How businesses can protect their business IT infrastructure, mitigate risk and keep costs to a minimum
Whilst stories of businesses being affected by natural disasters grab the headlines, it is the ever-growing threat of cyber-attacks that has helped move IT disaster recovery planning up the agenda for business managers.
No plan. No excuse
IT disaster recovery and business continuity plans are a necessity for every modern business, so why do many smaller businesses still not have them? The expectation of high set-up fees and ongoing monthly costs discourages many businesses from pursuing some of the more advanced solutions available. A lack of knowledge is also an issue, along with the difficulty of finding a service provider that doesn’t just concentrate on large enterprises, wrapping the subject in impenetrable technical jargon.
Every business, regardless of size should develop an IT disaster recovery plan with step-by-step procedures for recovering disrupted systems and returning them to normal operation. This process identifies critical IT systems and networks, assesses the required recovery time; whilst defining the steps to restarting, reconfiguring and recovering them.
Larger organisations can afford to outsource responsibility for disaster recovery to external service providers. The growing acceptance of managed IT service contracts amongst smaller businesses often includes the added benefit of disaster recovery planning as part of a comprehensive service, offering the use of disaster recovery suites for displaced staff.
Going mobile can help
The increasing use of mobile devices is proving a benefit for disaster recovery and business continuity strategies, with greater flexibility for displaced employees to work with recovered systems. Tablets and smartphones allow employees to remain productive and also makes them easier to communicate with in the event of a disaster, particularly one that requires relocation or remote working.
Of course certain businesses are required by law or regulation to have IT disaster recovery plans in place, with some required to keep all data secure and retrievable, regardless of what disasters befall the business. Relying on employees working from home or the local coffee shop may be in contravention of strict data policies, for those businesses working with sensitive data.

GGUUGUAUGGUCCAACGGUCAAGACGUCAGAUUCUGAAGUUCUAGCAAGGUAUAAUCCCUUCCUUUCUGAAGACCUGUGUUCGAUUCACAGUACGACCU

The problem can be addressed through desktop virtualization, which allows a copy of the client’s system to be quickly deployed on new hardware at a recovery site. Following disruption, the employees turn up at the recovery suite, switch on and, as far as they’re concerned, they’re working on their machine, with their applications.
Does the cloud change disaster recovery?
Although the “cloud” is offered as the ultimate IT problem-solver, it offers benefits for disaster recovery, bringing more comprehensive IT disaster recovery plans within reach for smaller businesses. Utilising the cloud for disaster recovery can offer faster recovery times and the ability to get remote workers up and running on a small budget compared to the high costs associated with traditional disaster recovery solutions.
Although cost effective, businesses are still paying out regularly for a service that the vast majority are never likely to use.
Do It Yourself
For smaller organisations, where budgets are understandably under more pressure, it’s now possible to plan for a disaster, do some of the work yourself, protect your business and only pay if disaster strikes. Although longer recovery times might have to be accepted, it’s a case of weighing the risk against the money that can be saved.
Drawing up the plan
The following steps will help tailor a plan for business recovery, ensuring the potential impact of any disaster is minimised:
1 A business impact analysis – will help identify and prioritize critical IT components and systems. It will establish the “maximum acceptable outage” (MAO), the time needed for a recovery to become effective before compromising the ability of the business to survive.
2 Identify preventive controls – these measures reduce the effects of system disruptions and increase system availability, highlighting the need to regularly review options for creating a more robust and recoverable infrastructure.
3 Develop recovery strategies – to ensure the system can be recovered quickly and effectively following disruption, with a plan for communicating the situation to all employees.